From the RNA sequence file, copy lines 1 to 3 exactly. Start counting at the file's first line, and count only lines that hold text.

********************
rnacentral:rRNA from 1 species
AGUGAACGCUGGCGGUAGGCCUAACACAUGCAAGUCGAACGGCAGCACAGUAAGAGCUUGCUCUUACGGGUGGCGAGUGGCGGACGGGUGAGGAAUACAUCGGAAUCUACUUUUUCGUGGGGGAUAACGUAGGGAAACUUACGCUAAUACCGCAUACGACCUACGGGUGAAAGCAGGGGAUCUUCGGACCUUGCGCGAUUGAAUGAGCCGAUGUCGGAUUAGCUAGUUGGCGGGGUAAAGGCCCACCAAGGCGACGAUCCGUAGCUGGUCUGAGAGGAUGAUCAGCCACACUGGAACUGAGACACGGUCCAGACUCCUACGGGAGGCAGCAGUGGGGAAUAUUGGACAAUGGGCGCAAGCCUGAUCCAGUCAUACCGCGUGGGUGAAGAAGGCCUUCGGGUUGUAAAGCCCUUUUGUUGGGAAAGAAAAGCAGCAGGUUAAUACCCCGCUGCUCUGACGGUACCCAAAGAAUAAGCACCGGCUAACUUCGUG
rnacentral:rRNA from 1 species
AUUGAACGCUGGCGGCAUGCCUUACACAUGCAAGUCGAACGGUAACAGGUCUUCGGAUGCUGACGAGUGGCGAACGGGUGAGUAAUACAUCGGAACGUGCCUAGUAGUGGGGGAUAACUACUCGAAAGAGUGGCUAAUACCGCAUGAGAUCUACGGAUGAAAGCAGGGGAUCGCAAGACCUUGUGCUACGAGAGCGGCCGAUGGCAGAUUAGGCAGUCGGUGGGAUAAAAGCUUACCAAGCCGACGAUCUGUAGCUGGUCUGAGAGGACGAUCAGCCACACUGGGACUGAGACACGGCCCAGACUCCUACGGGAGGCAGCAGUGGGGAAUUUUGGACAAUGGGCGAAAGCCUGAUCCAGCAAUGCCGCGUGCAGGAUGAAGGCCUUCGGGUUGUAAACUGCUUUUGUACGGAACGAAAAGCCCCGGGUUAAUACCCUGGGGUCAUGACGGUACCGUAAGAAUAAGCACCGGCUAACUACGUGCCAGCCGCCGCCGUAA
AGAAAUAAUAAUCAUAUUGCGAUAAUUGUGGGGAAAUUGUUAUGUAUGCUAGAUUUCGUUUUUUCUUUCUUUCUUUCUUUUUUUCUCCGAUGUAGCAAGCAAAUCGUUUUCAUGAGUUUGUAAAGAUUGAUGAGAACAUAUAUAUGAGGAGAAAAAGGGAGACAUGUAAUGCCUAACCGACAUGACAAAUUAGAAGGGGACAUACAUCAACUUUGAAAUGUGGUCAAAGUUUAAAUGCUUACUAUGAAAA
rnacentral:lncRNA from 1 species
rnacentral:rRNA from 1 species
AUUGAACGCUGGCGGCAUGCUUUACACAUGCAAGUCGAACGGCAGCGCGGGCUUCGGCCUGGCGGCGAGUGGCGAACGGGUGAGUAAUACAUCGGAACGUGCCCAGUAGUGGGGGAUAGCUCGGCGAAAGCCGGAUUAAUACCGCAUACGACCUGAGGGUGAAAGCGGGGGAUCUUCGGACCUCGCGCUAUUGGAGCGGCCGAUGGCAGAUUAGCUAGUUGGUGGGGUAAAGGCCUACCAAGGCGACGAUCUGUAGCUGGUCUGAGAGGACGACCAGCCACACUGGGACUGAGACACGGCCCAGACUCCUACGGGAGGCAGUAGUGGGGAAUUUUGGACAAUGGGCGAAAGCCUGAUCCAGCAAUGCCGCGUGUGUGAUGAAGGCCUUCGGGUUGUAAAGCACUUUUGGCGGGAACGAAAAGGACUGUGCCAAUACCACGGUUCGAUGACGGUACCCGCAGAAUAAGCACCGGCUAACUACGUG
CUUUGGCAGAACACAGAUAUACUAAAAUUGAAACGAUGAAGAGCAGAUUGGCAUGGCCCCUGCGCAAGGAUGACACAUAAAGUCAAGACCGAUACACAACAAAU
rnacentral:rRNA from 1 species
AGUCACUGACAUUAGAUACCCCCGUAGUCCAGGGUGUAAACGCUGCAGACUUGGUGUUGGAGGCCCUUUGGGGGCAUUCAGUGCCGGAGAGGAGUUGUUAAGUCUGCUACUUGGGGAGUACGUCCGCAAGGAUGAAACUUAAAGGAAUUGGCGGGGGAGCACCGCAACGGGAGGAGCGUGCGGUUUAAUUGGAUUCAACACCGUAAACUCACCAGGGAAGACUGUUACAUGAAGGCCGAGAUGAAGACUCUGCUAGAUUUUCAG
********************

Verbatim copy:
rnacentral:rRNA from 1 species
AGUGAACGCUGGCGGUAGGCCUAACACAUGCAAGUCGAACGGCAGCACAGUAAGAGCUUGCUCUUACGGGUGGCGAGUGGCGGACGGGUGAGGAAUACAUCGGAAUCUACUUUUUCGUGGGGGAUAACGUAGGGAAACUUACGCUAAUACCGCAUACGACCUACGGGUGAAAGCAGGGGAUCUUCGGACCUUGCGCGAUUGAAUGAGCCGAUGUCGGAUUAGCUAGUUGGCGGGGUAAAGGCCCACCAAGGCGACGAUCCGUAGCUGGUCUGAGAGGAUGAUCAGCCACACUGGAACUGAGACACGGUCCAGACUCCUACGGGAGGCAGCAGUGGGGAAUAUUGGACAAUGGGCGCAAGCCUGAUCCAGUCAUACCGCGUGGGUGAAGAAGGCCUUCGGGUUGUAAAGCCCUUUUGUUGGGAAAGAAAAGCAGCAGGUUAAUACCCCGCUGCUCUGACGGUACCCAAAGAAUAAGCACCGGCUAACUUCGUG
rnacentral:rRNA from 1 species